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256442 hiv

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  • 1. www.Examville.com Online practice tests, live classes, tutoring, study guides Q&A, premium content and more .
  • 2. Detecting Recent Human Immunodeficiency Virus Type 1 infection
  • 3. Members
    • Ayn Marie Lao
    • Michelle Jay Francisco
    • Jade Dianne Ong
    • Eduard Frank Delos Reyes
    • Jeffrey Cayetuna
    • Kalvin Estanero
    • Shahradee Azza Harain
    • Vede Sullano
    • Julius Caesar Tan
    • Edgar Gerodias
    • Zhenilane Tambut
    • Katz dela Cruz
  • 4. Review
    • HUMAN IMMUNODEFICIENCY VIRUS
    • Retrovirus
    • Lead to acquired immunodeficiency syndrome
  • 5. PREVIOUS NAMES
    • Lymphadenopathy- associated virus (LAV)
    • Human T Lymphocyte Virus Type III (HTLV III)
    • Human Immunodeficiency Virus (HIV)
    • AIDS –Associated Virus (ARV)
  • 6. TWO SPECIES
    • HIV- TYPE I
    • - more virulent
    • - easily transmitted
    • - cause of majority of
    • - infections globally
    • HIV- TYPE II
    • - less transmittable
    • - largely confined to West Africa
  • 7. THREE MAJOR ROUTES
    • Unprotected sexual intercourse
    • Blood or blood products
    • Mother- to- child transmission
  • 8. Mechanism of entry to the cell
  • 9. MORPHOLOGY OF VIRUS
  • 10. Morphology of HIV
    • Viral diameter 120 nm
    • Roughly spherical
    • 2 copies of positive single stranded RNA
    • Viral envelope composed of 2 layers of phospholipid
    • Envelope consists of cap made up 3 molecules called glycoprotein 120
    • Stem composed of three glycoprotein 41
  • 11. HIV- I RNA OR p24 antigen test P24 antigen
    • Sandwich ELISA
  • 12. DETECTING RECENT HUMAN IMMUNODEFICIENCY VIRUS TYPE I INFECTION
  • 13.
    • Seroconversion
      • antibody production following exposure to an antigen
    • Current serologic window period
      • 3 to 4 weeks
      • HIV infection cannot be demonstrated using antibody tests
    • p24 antigen test
      • about 1 week
  • 14.  
  • 15.  
  • 16. ELISA plate
  • 17. Less sensitive enzyme immunoassays
  • 18.
    • Less-sensitive (LS) HIV enzyme immunoassays (EIAs) can distinguish persons who have recent HIV infections from those who have long-standing HIV infection.
    • Used to test prevalent HIV-positive people and to detect recent seroconversion (within 130 days).
  • 19.
    • In most cases the EIA (enzyme immunoassay), used on blood drawn from a vein, is the most common screening test used to look for antibodies to HIV. A positive (reactive) EIA must be used with a follow-up (confirmatory) test such as the Western blot to make a positive diagnosis. There are EIA tests that use other body fluids to look for antibodies to HIV. These include:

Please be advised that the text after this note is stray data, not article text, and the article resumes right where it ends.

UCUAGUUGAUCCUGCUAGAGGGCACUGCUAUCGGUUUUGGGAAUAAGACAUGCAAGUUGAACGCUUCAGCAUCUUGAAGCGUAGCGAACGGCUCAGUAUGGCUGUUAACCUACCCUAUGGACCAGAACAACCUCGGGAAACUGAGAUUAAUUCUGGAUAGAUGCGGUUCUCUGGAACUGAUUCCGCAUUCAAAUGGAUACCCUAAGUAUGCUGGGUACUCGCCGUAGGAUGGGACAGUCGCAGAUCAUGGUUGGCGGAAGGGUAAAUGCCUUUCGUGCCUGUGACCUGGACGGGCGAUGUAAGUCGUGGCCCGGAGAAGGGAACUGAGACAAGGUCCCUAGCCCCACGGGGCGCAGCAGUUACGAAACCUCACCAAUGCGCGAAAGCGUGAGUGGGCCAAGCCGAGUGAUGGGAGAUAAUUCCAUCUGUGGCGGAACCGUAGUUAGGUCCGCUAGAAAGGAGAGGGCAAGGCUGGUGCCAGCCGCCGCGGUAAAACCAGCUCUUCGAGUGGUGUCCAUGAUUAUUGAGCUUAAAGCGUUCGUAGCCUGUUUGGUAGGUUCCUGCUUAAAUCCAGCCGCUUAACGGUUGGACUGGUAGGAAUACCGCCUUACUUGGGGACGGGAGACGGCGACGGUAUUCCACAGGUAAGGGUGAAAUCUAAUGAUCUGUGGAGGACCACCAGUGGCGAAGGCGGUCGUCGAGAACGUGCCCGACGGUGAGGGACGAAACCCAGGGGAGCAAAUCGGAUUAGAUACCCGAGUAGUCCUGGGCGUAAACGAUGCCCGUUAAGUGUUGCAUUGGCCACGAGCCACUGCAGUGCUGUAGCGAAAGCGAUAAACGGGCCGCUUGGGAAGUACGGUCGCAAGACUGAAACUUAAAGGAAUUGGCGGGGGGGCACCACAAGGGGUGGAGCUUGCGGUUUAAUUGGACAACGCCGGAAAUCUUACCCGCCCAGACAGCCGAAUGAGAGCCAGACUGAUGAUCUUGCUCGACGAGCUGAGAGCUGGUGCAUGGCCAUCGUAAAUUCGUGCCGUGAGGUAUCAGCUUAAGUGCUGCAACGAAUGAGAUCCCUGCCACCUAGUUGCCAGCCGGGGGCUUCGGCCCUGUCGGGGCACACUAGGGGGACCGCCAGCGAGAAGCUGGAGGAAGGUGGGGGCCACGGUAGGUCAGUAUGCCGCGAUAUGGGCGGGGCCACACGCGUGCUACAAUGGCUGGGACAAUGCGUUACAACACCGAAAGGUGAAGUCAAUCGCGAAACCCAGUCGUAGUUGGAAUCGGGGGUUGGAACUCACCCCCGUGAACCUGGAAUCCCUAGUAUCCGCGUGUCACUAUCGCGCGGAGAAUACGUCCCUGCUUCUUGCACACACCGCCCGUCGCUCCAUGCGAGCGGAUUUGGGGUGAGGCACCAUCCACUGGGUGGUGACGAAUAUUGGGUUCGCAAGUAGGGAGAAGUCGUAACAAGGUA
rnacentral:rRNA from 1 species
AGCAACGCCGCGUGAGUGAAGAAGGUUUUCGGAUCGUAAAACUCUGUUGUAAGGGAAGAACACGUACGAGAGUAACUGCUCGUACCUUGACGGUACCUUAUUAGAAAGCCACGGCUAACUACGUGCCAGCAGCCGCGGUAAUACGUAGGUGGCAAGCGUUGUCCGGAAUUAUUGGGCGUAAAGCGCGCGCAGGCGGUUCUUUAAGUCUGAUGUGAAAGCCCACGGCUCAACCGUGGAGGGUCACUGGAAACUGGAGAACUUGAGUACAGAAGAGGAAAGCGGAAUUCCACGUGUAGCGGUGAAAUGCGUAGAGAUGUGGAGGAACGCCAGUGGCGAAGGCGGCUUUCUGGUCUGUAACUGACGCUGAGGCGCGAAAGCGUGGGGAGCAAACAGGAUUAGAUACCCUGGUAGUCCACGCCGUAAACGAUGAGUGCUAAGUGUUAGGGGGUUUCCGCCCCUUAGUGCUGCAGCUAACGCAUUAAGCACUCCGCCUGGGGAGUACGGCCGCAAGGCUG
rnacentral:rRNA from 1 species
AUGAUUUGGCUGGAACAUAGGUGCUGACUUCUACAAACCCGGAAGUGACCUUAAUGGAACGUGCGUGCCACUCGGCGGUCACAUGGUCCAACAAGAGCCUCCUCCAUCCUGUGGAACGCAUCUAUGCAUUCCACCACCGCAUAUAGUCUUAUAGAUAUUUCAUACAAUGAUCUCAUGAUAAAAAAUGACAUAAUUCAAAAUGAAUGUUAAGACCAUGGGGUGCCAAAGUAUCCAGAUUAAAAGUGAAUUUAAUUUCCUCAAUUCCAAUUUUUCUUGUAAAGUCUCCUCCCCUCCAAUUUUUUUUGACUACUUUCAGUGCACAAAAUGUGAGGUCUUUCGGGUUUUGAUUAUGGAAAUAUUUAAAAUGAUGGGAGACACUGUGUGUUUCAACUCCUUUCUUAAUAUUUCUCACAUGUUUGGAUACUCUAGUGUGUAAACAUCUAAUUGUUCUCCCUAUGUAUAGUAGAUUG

• 20.
    • Oral Fluid Tests – use oral fluid (not saliva) that is collected from the mouth using a special collection device. This is an EIA antibody test similar to the standard blood EIA test. A follow-up confirmatory Western blot uses the same oral fluid sample.
  • 21.
    • Urine Tests – use urine instead of blood. The sensitivity and specificity (accuracy) are somewhat less than that of the blood and oral fluid tests. This is also an EIA antibody test similar to blood EIA tests and requires a follow-up confirmatory Western blot using the same urine sample.
  • 22.
    • When used as a second step in an algorithm to test known positives, it can help identify recent infections, the approach known as serologic testing algorithm for recent HIV seroconversion or STARHS.
  • 23.
    • This method measures antibody levels quantitatively; hence their performance in divergent subtypes depends on the extent of cross-reactivity.
  • 24. Maturation of Humoral Response
  • 25.
    • Antigen or epitope specific response
    • Antibody Titer
    • Antibody Affinity
    • Proportion of HIV-IgG
    • Antibody Isotypes
  • 26. IgG- capture EIA
    • Uses microwells coated with goat antihuman IgG which captures both HIV and non-HIV – IgG from the serum.
    • Increasing levels of HIV-specific antibodies can be detected by this assay from up to two years following seroconversion.
  • 27.  
  • 28. Incidence calculation
    • From test results of cross sectional cohort translated to rate of new infections occuring per year taking into account the numbers of individuals at risk.
  • 29. It’s FREE to join. http://www.examville.com